In May 2000, the Federal Trade Commission (“FTC”) issued a staff working paper, providing guidance to businesses and advertisers that conduct advertising and sell products on the internet. The working paper, Dot Com Disclosures: Information about Online Advertising , provides instruction to businesses and advertisers about how Section 5 of the Federal Trade Commission Act (the “FTC Act”) applies to online activities, with a particular focus on the clarity and conspicuousness of disclosures in internet ads to help those businesses and advertisers stay in compliance as advertisements moved online.
Much has changed over the last ten years, and things like the rise of social media and mobile internet have created concerns not thought of years ago. The FTC has recently announced that it “seeks input for revising its guidance to businesses about disclosures in online advertising” and that the “needed revisions will reflect dramatic changes in the online world since guidance was issued 11 years ago.” May 26, 2011 FTC Press Release.
This guidance should be closely followed by businesses and advertisers. Section 5 of the FTC Act prohibits “[u]nfair methods of competition in or affecting commerce, and unfair or deceptive acts or practices in or affecting commerce.” 15 U.S.C. § 45(a)(1). “Unfair” practices are those that “cause or [are] likely to cause substantial injury to consumers which [are] not reasonably avoidable by consumers themselves and not outweighed by countervailing benefits to consumers or to competition.” 15 U.S.C. § 45(n). The FTC has authority under the FTC Act to both propound regulations and to initiate investigations or enforcement actions. 15 U.S.C. § 45.
Under its Section 5 authority, the FTC also issues guidelines or administrative interpretations (like the Dot Com Disclosures) that are intended to provide guidance about compliance with the law. These guidelines or administrative interpretations do not have the force of law and are not formal regulations issued by the FTC. There are no direct fines issued for violations of the guidelines. However, violations of the guidelines or administrative interpretations will likely be viewed as violations of Section 5 of the FTC Act and could result in an enforcement action from the FTC. See e.g., Guides Concerning Use of Endorsements and Testimonials in Advertising, 16 C.F.R. § 255.0(a) (2011) (“The Guides in this part represent administrative interpretations of laws enforced by the Federal Trade Commission for the guidance of the public in conducting its affairs in conformity with legal requirements. . . . . Practices inconsistent with these Guides may result in corrective action by the Commission under Section 5 if, after investigation, the Commission has reason to believe that the practices fall within the scope of conduct declared unlawful by the statute.”).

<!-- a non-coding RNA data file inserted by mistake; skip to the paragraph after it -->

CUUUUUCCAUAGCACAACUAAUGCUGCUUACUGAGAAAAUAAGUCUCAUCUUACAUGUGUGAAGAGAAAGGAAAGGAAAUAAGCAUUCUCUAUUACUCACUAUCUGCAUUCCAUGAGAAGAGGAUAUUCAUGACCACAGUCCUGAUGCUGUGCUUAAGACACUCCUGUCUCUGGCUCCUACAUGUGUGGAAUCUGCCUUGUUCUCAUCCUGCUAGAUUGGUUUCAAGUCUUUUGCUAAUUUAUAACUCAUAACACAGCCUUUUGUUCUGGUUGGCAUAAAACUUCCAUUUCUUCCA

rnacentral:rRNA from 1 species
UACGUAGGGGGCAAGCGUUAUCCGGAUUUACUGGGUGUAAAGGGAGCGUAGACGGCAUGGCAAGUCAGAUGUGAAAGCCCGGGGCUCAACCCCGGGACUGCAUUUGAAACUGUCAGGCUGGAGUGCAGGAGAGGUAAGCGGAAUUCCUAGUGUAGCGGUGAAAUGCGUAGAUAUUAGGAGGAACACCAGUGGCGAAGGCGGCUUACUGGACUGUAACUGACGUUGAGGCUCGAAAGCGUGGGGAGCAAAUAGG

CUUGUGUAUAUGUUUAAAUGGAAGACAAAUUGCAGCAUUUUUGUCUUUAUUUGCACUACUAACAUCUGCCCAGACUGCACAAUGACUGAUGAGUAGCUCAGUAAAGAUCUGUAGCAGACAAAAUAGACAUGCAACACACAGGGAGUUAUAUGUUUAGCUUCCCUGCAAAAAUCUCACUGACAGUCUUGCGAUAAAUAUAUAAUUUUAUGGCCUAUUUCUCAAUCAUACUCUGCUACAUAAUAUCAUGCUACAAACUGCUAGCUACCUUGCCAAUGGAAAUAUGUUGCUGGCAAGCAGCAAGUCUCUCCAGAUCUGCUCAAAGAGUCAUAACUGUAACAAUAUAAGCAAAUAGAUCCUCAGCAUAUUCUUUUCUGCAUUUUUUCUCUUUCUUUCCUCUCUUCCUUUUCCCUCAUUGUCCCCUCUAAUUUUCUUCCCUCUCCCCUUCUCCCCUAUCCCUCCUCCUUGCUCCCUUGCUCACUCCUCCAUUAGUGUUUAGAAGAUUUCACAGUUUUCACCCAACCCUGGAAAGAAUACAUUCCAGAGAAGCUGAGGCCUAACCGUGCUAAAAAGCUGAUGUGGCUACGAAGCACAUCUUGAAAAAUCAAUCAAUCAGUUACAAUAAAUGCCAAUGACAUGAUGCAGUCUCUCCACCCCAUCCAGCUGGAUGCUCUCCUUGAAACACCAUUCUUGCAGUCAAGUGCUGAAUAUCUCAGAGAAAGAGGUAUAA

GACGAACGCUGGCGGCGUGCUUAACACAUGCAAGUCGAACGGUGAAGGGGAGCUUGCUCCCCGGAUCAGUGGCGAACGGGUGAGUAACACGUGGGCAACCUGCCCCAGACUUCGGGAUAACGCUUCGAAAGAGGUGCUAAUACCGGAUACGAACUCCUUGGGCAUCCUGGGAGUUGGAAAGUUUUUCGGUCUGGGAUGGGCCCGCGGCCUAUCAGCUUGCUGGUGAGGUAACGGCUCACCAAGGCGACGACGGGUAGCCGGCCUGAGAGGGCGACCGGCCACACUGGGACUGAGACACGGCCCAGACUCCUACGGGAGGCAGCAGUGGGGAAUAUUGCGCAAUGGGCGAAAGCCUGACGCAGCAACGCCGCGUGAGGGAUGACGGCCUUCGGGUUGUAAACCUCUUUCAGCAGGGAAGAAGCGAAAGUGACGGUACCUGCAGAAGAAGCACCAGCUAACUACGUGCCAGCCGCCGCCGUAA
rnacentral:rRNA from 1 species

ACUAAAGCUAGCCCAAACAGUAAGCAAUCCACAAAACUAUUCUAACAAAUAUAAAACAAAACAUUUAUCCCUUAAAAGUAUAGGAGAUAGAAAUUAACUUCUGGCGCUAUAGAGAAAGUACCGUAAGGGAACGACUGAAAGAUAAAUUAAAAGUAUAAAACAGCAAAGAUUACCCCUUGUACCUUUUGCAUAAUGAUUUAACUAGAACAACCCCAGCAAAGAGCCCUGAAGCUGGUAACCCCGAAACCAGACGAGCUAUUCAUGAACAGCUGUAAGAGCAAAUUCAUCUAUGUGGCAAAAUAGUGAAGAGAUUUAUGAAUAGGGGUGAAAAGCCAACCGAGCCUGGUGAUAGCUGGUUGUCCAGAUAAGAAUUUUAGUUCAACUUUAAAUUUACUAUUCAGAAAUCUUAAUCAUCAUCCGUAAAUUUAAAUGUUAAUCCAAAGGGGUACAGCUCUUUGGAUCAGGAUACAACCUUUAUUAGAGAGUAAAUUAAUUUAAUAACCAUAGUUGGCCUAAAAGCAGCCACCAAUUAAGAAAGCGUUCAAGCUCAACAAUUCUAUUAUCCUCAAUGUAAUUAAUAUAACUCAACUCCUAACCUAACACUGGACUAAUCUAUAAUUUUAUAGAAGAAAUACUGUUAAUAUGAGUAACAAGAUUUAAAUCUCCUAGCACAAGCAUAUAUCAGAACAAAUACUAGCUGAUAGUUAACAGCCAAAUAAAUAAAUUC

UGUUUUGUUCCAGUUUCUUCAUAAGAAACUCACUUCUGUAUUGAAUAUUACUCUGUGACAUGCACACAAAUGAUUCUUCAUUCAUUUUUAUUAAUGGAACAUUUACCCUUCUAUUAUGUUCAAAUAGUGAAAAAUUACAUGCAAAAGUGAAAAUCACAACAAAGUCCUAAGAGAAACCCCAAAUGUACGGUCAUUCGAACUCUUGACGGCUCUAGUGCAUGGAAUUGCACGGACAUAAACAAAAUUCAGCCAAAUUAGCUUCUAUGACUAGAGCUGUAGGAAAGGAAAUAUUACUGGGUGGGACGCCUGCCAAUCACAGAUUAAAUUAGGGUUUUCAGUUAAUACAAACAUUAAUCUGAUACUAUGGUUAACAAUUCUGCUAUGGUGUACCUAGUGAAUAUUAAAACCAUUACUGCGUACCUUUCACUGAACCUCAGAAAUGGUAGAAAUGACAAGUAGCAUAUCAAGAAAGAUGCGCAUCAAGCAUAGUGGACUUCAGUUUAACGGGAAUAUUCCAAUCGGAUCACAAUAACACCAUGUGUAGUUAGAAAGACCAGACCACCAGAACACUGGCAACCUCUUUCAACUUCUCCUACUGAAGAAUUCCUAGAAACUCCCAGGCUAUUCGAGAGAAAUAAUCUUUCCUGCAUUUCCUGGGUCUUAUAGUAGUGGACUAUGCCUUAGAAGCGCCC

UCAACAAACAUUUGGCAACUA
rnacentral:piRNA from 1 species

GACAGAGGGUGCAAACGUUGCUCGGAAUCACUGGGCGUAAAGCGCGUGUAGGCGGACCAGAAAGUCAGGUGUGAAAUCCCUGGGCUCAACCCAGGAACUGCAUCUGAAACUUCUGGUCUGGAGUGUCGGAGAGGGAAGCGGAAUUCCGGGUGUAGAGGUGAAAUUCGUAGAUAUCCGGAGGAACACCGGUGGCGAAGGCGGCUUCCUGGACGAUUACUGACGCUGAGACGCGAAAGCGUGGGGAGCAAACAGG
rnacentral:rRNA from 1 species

Significant changes in how businesses advertise using the internet (and how the internet itself is used) over the past 11 years make the FTC’s announcement long overdue. The fact that the FTC is choosing to look at its guidance in this area may signal that it will be increasing the use of its enforcement authority to look at this area more closely in the near future. Given the potential for a corrective action under Section 5, businesses advertising and selling products using the internet should pay close attention as the FTC updates its guidance in this area.